Thx, the key ingredient in your (and mine, and Cahn's, and anybody 
"IMO". ).  You may change your opinion after reading Cahn's "Book of 
Mysteries".  No mention of the Unified Field there.  It's all dualistic, not 
   The early Apologists for what ultimately became the current "mainstream" 
Christian positions where hashed out in the early centuries prior to the major 
Councils of Bishops which game us the Athanasian and Nicene Creeds.    Nothing 
about the Unified Field in those dogmatic pronouncements.  Obviously, the 
Gnostics and Neo-Platonists lost out in the battle for Biblical interpretations 
and which Books were to be included in the Bible.  There are 3 major questions 
in Biblical exegesis: a. What does the Bible say is the truth? b. What do you 
believe is "the truth" and c. What do we "want" to believe is the Truth. It's 
obvious that your emphasis is on the third approach - some bizarre and quite 
unsuccessful to fuse and render compatible Biblical teachings as they are (and 
not twisted into what we "want" is the truth), with MMY's version of what he 
calls Advaita Vedanta.  It will be left to Empty Bill for discernment on the 
question of whether MMY's teachings are in accord with Shankara, or not
 .  My conclusion is that as a whole, Biblical Judaeo-Christianity is dualistic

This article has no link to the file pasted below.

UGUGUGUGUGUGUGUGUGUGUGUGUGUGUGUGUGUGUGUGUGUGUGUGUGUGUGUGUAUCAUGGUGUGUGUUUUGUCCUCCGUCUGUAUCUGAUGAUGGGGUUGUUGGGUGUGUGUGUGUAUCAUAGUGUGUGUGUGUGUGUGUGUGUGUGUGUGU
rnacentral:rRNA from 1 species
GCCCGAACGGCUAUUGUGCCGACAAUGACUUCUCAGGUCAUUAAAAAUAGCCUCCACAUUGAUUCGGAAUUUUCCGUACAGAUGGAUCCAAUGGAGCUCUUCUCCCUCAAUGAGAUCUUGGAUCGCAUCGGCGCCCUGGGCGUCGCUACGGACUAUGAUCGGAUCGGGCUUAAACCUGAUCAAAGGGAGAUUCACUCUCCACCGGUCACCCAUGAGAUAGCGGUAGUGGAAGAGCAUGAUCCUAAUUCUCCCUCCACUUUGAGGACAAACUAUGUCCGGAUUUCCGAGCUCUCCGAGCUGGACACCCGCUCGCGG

with a big emphasis on Christian Love.....but not the Transcendent.  If can 
find few passages in the Bible that are remotely connected or point to the 
Transcendental Absolute (purusha).  Statements like "The Kingdom of Heaven is 
within you" are too vague to be useful, and can't by any stretch of the 
imagination be supportive of the notion that the Bible is about Gnosis (Self or 
Transcendental knowledge).  Any important battle between the "Early Church 
Fathers" and the Gnostics such as Marcion, Valentinus, etc; ensued before the 
mainstream concepts were codified, and the Gnostics lost and were forced 
underground.   There were valid reasons for why they lost the battle and books 
like the "Gospel of Thomas" were not in accepted list of Biblical Books.
 However, I do commend you for a worthy stance on stating: what might have 
been, or perhaps what the early Church Father should have taught.; but 
unfortunately they didn't.  They taught dualistic themes for the most part 
incompatible with non-dualism.
 In addition, regardliess of one's belief, (and in spite of it), one can be 
devoted to Jesus in any manner of loving devotion on the basis of heart-chakra 
experience, with no particular adherence to a set of beliefs.  But this would 
be anathema to Protestantism since salvation by faith requires belief.  Beliefs 
are a big part of the Bible.
 Thank God for George Fox who set us on the right course of action! 


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